As part of its 40th anniversary celebration, the gallery is holding a series of Meet the Artist receptions on the second Saturday of each month during 2019. Learn more at artcollab.com.



Get ready to dance for joy—a new wine-tasting room has opened in the 700 block of K Street next door to the Golden 1 Center.

Bailarin Cellars is a collective of Sonoma County vintners, including Suacci Family Vineyard, Manchester Ridge Vineyard, Black Knight Vineyard and Rockpile Vineyard, brought together by executive director Chris Ryan. Bailarin Cellars has already won recognition for its fleet of wines, including gold medals at the California State Fair and San Francisco Chronicle Wine Competition.

The new tasting room in the historic Hardin building was completed in December with custom details provided by local artists. You’ll find Bailarin’s full lineup of Sonoma County wines, as well as an Insight Coffee Roasters espresso bar and small bites. For more information, visit bailarincellars.com.



While you’re in the area, check out Meatless Mondays at Golden 1 Center. During each Monday event, the arena will offer one new meatless entrée option at The Flavor Lab food cart located on the plaza level. These new creations will join the meatless options already offered at the Burger Patch cart.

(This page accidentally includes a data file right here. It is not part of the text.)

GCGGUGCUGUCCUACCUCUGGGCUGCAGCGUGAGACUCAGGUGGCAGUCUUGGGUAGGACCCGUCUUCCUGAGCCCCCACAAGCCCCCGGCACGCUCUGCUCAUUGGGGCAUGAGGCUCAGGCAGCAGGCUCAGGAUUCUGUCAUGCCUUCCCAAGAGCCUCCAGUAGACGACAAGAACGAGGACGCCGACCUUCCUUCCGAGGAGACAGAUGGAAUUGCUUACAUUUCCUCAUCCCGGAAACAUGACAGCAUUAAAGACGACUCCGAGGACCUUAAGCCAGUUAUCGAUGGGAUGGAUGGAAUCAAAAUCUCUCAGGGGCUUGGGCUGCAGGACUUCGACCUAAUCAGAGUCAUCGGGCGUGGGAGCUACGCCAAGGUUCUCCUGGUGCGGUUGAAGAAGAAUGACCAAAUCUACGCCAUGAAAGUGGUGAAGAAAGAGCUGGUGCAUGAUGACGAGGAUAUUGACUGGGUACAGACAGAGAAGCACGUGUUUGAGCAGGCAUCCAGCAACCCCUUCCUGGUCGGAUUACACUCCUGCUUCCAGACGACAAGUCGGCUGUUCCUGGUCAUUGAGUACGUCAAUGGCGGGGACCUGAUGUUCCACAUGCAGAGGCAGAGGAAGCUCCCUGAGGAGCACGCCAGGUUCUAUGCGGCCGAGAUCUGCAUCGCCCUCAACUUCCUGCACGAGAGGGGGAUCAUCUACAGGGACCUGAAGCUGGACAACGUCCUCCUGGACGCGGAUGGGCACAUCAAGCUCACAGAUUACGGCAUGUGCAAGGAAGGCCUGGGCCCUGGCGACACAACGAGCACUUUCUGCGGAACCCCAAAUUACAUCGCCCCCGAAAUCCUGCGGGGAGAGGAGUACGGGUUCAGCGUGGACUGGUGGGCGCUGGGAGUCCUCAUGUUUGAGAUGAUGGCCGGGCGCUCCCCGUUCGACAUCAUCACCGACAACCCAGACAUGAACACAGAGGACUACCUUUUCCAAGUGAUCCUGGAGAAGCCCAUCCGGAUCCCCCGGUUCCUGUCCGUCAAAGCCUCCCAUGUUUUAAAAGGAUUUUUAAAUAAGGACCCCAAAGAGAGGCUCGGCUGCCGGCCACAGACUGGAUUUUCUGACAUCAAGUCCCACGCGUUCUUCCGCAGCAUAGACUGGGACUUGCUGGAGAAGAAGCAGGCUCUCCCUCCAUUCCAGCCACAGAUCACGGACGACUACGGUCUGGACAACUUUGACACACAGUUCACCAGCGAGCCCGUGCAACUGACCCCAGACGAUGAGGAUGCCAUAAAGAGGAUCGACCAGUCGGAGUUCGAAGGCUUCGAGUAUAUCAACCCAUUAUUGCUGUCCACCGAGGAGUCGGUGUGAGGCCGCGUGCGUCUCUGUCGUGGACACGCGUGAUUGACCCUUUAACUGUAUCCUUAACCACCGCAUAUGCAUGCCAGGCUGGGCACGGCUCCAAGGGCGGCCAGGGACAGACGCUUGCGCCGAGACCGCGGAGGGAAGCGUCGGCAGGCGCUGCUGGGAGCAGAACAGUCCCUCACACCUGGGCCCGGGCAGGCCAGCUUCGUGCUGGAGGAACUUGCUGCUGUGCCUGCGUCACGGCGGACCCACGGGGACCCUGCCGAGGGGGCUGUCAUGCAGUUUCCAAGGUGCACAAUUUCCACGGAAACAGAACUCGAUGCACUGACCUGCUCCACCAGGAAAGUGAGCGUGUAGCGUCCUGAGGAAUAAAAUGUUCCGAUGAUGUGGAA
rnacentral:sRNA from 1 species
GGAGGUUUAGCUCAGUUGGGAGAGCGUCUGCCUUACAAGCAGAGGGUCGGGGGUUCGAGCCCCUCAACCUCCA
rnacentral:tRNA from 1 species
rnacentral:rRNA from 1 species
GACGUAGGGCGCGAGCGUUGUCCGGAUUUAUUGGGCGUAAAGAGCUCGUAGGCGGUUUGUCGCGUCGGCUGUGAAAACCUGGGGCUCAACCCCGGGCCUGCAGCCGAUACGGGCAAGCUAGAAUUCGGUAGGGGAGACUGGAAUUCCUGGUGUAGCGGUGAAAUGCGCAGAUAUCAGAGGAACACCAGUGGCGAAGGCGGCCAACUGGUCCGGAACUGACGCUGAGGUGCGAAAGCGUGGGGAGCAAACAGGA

The meatless menu items build on the arena’s industry-leading food and beverage program, which pledges to source 90 percent of ingredients from within 150 miles of the arena.

In that same vein, the Kings have announced that it is partnering with Bogle Vineyards for a specially crafted Proud Roots 2016 vintage wine, available exclusively throughout Golden 1 Center and Bogle’s tasting room in Clarksburg.

“Both the Kings and Bogle are committed to being leaders in green practices and serving as examples of how businesses can serve as models of sustainability,” says Sacramento Kings chief operating officer Matina Kolokotronis. “Proud Roots is the perfect embodiment of our partnership and dedication to our region.”



The California State Railroad Museum has opened an all-new exhibit titled Farm-to-Fork: A Public History, created by graduate students from the Capital Campus Public History Program at Sacramento State University.

The exhibit explores the critical role that the railroad played in transporting the Central Valley’s agricultural bounty to the rest of the country—creating the foundation for the farm-to-fork movement. Visitors learn about the production and delivery of goods, the deep history of the people behind the food and how railroads played an integral role in that history.

Farm-to Fork: A Public History, which will remain on display permanently, is included in the museum admission: $12 for adults; $6 for ages 6 to 17; free for ages 5 and under. For more information, call (916) 323-9280 or visit californiarailroad.museum.

Jessica Laskey can be reached at jessrlaskey@gmail.com. Submissions are due six weeks prior to the publication month.